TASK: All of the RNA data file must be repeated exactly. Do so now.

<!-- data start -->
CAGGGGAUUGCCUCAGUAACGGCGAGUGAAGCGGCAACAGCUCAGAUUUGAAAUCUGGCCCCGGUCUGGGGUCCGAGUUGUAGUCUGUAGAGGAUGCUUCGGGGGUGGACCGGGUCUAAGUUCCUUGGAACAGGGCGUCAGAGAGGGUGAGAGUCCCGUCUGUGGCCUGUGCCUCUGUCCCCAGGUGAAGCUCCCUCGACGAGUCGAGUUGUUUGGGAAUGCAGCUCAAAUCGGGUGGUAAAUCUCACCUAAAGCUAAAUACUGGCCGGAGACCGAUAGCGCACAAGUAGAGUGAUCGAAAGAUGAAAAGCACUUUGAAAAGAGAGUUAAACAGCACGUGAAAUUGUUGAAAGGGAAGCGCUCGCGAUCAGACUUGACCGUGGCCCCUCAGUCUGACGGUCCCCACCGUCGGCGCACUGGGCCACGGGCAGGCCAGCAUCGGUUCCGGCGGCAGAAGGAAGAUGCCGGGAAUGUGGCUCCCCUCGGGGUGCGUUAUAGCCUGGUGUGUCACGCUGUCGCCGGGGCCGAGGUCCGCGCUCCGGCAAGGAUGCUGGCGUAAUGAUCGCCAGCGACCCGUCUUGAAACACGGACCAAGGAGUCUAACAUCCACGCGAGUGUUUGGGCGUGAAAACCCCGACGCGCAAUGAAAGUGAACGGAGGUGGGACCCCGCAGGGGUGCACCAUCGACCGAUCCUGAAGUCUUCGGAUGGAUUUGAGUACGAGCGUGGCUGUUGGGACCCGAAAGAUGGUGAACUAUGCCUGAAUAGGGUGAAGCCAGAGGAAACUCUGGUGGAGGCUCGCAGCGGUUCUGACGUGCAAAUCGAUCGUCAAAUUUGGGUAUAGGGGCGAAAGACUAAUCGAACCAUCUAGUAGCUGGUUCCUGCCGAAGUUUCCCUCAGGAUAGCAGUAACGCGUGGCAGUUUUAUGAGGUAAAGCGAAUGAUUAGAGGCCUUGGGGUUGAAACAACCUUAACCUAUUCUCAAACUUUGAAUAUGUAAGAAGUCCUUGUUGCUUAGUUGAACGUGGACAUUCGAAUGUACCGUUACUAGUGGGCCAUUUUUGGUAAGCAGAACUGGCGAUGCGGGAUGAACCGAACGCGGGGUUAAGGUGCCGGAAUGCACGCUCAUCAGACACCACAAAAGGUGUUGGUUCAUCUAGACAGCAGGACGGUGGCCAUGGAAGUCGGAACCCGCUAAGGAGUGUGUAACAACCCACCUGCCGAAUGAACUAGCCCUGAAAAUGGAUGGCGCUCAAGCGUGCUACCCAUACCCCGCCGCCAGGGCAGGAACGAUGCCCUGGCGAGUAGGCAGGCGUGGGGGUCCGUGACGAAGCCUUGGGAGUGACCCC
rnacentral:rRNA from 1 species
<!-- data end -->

CAGGGGAUUGCCUCAGUAACGGCGAGUGAAGCGGCAACAGCUCAGAUUUGAAAUCUGGCCCCGGUCUGGGGUCCGAGUUGUAGUCUGUAGAGGAUGCUUCGGGGGUGGACCGGGUCUAAGUUCCUUGGAACAGGGCGUCAGAGAGGGUGAGAGUCCCGUCUGUGGCCUGUGCCUCUGUCCCCAGGUGAAGCUCCCUCGACGAGUCGAGUUGUUUGGGAAUGCAGCUCAAAUCGGGUGGUAAAUCUCACCUAAAGCUAAAUACUGGCCGGAGACCGAUAGCGCACAAGUAGAGUGAUCGAAAGAUGAAAAGCACUUUGAAAAGAGAGUUAAACAGCACGUGAAAUUGUUGAAAGGGAAGCGCUCGCGAUCAGACUUGACCGUGGCCCCUCAGUCUGACGGUCCCCACCGUCGGCGCACUGGGCCACGGGCAGGCCAGCAUCGGUUCCGGCGGCAGAAGGAAGAUGCCGGGAAUGUGGCUCCCCUCGGGGUGCGUUAUAGCCUGGUGUGUCACGCUGUCGCCGGGGCCGAGGUCCGCGCUCCGGCAAGGAUGCUGGCGUAAUGAUCGCCAGCGACCCGUCUUGAAACACGGACCAAGGAGUCUAACAUCCACGCGAGUGUUUGGGCGUGAAAACCCCGACGCGCAAUGAAAGUGAACGGAGGUGGGACCCCGCAGGGGUGCACCAUCGACCGAUCCUGAAGUCUUCGGAUGGAUUUGAGUACGAGCGUGGCUGUUGGGACCCGAAAGAUGGUGAACUAUGCCUGAAUAGGGUGAAGCCAGAGGAAACUCUGGUGGAGGCUCGCAGCGGUUCUGACGUGCAAAUCGAUCGUCAAAUUUGGGUAUAGGGGCGAAAGACUAAUCGAACCAUCUAGUAGCUGGUUCCUGCCGAAGUUUCCCUCAGGAUAGCAGUAACGCGUGGCAGUUUUAUGAGGUAAAGCGAAUGAUUAGAGGCCUUGGGGUUGAAACAACCUUAACCUAUUCUCAAACUUUGAAUAUGUAAGAAGUCCUUGUUGCUUAGUUGAACGUGGACAUUCGAAUGUACCGUUACUAGUGGGCCAUUUUUGGUAAGCAGAACUGGCGAUGCGGGAUGAACCGAACGCGGGGUUAAGGUGCCGGAAUGCACGCUCAUCAGACACCACAAAAGGUGUUGGUUCAUCUAGACAGCAGGACGGUGGCCAUGGAAGUCGGAACCCGCUAAGGAGUGUGUAACAACCCACCUGCCGAAUGAACUAGCCCUGAAAAUGGAUGGCGCUCAAGCGUGCUACCCAUACCCCGCCGCCAGGGCAGGAACGAUGCCCUGGCGAGUAGGCAGGCGUGGGGGUCCGUGACGAAGCCUUGGGAGUGACCCC
rnacentral:rRNA from 1 species